- On 27/04/2014
- In Dangerous Places for Shipping
By Johnny Duggan - Riot News
Next May marks the 70th anniversary of V-E day and the end of the second World War. During the post-war Potsdam Conference, it was mutually agreed upon by the Allies that the remaining 65 tonnes of Nazi chemical weapons would be disposed of in the Baltic Sea.
While their intentions were certainly good, it was clearly a decision made without a complete consideration of the long-term ramifications of such a method.
Now, those sunken stockpiles may be stirring up huge problems from their watery resting place.
Here’s what we know about them, what we don’t, and what kind of problems we could be facing.
65,000 tonnes roughly measures out to about 143 million pounds. To put that in perspective, it’s like having nearly 1,800 big-rig 18 wheelers just lying on the ocean floor.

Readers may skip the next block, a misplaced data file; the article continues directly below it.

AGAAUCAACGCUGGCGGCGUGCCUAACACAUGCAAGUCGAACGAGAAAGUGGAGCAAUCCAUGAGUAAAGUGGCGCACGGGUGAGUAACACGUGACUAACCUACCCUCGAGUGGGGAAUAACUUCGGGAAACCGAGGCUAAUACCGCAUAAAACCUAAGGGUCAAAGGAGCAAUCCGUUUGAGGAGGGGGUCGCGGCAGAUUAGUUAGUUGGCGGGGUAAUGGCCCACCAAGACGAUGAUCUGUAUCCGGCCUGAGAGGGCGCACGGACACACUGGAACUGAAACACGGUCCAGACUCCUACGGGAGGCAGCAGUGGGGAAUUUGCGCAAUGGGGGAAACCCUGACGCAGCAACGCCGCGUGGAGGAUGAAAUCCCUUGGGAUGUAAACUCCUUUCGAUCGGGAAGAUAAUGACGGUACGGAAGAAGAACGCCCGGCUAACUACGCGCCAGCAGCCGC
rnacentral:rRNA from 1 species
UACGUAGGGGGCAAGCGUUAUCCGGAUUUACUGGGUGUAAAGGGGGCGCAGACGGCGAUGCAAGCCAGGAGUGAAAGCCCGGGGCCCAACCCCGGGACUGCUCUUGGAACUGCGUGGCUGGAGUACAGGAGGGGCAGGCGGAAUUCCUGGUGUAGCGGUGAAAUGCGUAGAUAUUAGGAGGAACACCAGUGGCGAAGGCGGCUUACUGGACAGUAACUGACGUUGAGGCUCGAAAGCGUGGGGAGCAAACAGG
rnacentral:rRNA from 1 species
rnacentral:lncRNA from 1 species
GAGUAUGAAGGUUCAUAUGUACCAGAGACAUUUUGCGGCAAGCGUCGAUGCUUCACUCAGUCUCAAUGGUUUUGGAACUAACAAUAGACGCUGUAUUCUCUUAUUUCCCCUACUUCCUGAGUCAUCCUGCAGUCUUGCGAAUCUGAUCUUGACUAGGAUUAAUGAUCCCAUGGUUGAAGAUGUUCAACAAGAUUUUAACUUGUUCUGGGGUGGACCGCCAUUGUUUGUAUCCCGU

But instead of hauling some type of consumer cargo, those trucks are filled with deadly chemicals and explosives.
The agreement reached during the Potsdam Conference stipulated that the weapons be dumped into the (relatively shallow) Baltic Sea. However, this stipulation wasn’t exactly followed to the letter.
Allegedly, Soviet ships would dump the weapons as soon as they were no longer visible from land, as opposed to disposing of them in the designated areas.